Julieta Martinelli | Nashville Public Radio

Julieta Martinelli

Reporter

Martinelli is the 2017-2018 newsroom fellow at WPLN. She began as an intern in summer 2017, where she reported on criminal justice, immigration and social issues among other topics. Before arriving in Nashville, she split her time between the assignment desk and assisting the investigative team at CBS-46 in Atlanta. 

Martinelli spent five years working at an Atlanta law firm. Previously she worked as a writer and copy editor for Real Atlanta Magazine, a now-defunct bilingual monthly. She's also written for Gwinnett Daily Post and Atlanta Latino, where she reported in Spanish on immigration, education and issues affecting the Hispanic community in Georgia. Martinelli is a National Association of Hispanic Journalists scholarship winner, a NAHJ-NABJ 2016 Student Projects fellow and in 2017 was named a Chips Quinn Scholar by the Newseum Institute.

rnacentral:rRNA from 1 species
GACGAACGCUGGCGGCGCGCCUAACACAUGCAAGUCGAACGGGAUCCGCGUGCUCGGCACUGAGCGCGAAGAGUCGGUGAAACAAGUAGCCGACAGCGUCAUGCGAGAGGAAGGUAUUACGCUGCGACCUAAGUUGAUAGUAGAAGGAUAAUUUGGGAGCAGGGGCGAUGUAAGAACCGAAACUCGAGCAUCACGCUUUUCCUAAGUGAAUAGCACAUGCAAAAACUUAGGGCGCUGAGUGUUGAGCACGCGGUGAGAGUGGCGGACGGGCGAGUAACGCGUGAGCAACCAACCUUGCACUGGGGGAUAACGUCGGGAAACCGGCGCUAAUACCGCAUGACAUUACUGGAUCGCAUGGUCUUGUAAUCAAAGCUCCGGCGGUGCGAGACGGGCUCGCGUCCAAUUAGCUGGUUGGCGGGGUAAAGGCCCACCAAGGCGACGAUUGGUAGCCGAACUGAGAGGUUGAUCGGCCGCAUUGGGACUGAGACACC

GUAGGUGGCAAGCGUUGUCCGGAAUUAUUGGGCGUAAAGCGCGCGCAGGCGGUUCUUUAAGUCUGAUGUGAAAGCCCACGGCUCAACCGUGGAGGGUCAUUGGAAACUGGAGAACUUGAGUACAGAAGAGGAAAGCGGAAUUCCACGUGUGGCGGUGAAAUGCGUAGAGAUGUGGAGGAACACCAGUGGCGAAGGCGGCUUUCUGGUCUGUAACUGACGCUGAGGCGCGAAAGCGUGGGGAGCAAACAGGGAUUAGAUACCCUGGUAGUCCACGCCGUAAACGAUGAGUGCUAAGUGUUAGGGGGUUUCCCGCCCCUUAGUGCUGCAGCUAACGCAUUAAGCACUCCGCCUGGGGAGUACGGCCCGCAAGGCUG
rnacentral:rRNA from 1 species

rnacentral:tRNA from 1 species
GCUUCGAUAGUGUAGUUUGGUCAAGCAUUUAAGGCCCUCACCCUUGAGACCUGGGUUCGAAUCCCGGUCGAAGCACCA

StoryCorps

Spencer Wiggins had been in college just a few months when he decided to volunteer for the Vietnam War. Now an education executive, he volunteers and works with veterans — some from the same conflict.

But the Brentwood resident admits that he still has some of his own emotions to sort out. He was interviewed by his daughter inside the StoryCorps’ Airstream trailer that was parked outside of Nashville Public Radio's studios.

IKEA

IKEA has been quietly scouting Nashville for more than six years. That is according to the Swedish furniture giant, who just announced plans to open its newest location in Antioch.

Julieta Martinelli / WPLN

The Nashville Predators are warning fans not to be fooled by counterfeit tickets. The hockey team is playing in its first Stanley Cup finals and tickets are reselling for upwards of a thousand dollars.

Team officials say scammers are more skilled than ever at reproducing near perfect counterfeits, even mimicking the raised seals and holograms.

Julieta Martinelli / WPLN

Of six booming metropolitan areas in the South, Nashville has the highest rate of injured workers. That’s according to a new study conducted by a professor at the University of Illinois at Chicago and two national labor organizations.

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